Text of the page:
NEO Sierra Club is proud to participate in the Cleveland International Film Festival, one of the largest and best attended film festivals in the U.S. Our participation helps ensure that future festivals will continue to include films that focus on environmental issues. Thank you for your support.
We Are Heading Toward the Next Silent Spring
Laurel Hopwood, Senior Advisor to National Sierra Club’s Pollinator Protection Program
Rachel Carson raised the red flag decades ago – pesticides were not only killing insects, but also disrupting the delicate balance of nature. History is now repeating itself.
To commemorate Earth Day 2019, Northeast Ohio Sierra Club is extending an invitation to attend Next Silent Spring? at the Cleveland Museum of Art Recital Hall. This free event will be held on Sunday, April 28, from 2 – 4 PM.
The outstanding documentary, Nicotine Bees, will be shown, which reveals crucial information about the crash of honeybee populations. Most farmers now coat their seeds with neonicotinyl pesticides (shortened neonics) to kill insects in the farm fields. Although this sounds good, there’s a dark side.
Neonics are linked with bee die-offs, and as pollinators, can have a tremendous negative impact on our food supply. Other insect populations are also decimated, resulting in the loss of decomposition that keeps nutrients cycling, soils healthy, plants growing and ecosystems running. As insect populations decline, birds and other creatures that feast on bugs are ill-affected. Birds control insect pest populations that feed on valuable crops and timber resources, and are critical dispersers of seeds for many wild plants. The list goes on. The end result puts the entire ecosystem at risk.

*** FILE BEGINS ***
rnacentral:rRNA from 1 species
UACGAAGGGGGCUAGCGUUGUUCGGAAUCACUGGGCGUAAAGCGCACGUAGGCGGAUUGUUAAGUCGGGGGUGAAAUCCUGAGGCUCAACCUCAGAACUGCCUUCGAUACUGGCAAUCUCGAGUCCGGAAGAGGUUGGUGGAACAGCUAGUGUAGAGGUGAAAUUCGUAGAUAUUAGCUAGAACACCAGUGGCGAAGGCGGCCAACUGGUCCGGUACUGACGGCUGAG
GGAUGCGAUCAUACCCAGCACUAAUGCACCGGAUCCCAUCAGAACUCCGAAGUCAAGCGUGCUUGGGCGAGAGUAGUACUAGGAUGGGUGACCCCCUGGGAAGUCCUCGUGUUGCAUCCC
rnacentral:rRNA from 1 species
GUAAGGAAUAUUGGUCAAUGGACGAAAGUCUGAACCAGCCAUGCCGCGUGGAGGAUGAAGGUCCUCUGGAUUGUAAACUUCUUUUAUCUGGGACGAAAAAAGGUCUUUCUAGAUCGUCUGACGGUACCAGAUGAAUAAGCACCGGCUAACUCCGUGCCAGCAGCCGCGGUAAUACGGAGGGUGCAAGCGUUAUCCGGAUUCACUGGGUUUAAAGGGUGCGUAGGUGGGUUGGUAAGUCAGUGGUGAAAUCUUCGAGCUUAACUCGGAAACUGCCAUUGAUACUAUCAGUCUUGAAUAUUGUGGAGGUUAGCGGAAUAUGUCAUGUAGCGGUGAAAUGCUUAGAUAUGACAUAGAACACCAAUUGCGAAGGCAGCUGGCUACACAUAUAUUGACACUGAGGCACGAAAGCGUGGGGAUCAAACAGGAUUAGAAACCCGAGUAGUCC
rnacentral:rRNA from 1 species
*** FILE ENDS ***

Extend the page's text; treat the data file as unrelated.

When Laurel Hopwood, Senior Advisor to Sierra Club’s Pollinator Protection Program, learned that 60% of the bee populations in Ohio in 2017 were lost, she said, “It’s time for our communities to be aware.” Hopwood adds, “Are we going to live in gloom and doom? No!”
Panel members will share and hopefully, empower. Dr. Mary Gardiner, Associate Professor in the OSU Department of Entomology, will discuss her program introducing pollinator pockets throughout vacant lots in Cleveland. Tom Gibson, principal of Green Paradigm Partners, uses his soil building and community organizing skills to help revive neighborhoods. Elle Adams, founder of City Rising Farm, helps people in underserved communities learn to grow fresh food and to build long-lasting relationships with each other, so they can use those skills to create opportunities in their own neighborhoods.
Please share this invite far and wide. If you need a pdf, please contact me at email@example.com!
Kick the Game Day Party Trash to the Curb
Plastic Cups and Utensils Are NOT Recyclable Curbside
The big football game is coming and the excitement is growing! But the big game and the parties that accompany it generate a lot of trash.
Unfortunately, all disposable paper and plastic cups cannot be recycled. Do not place them in with curbside recycling. Make sure the red plastic cups (and all other colors) plus plastic utensils and disposable plates make it into the trash instead.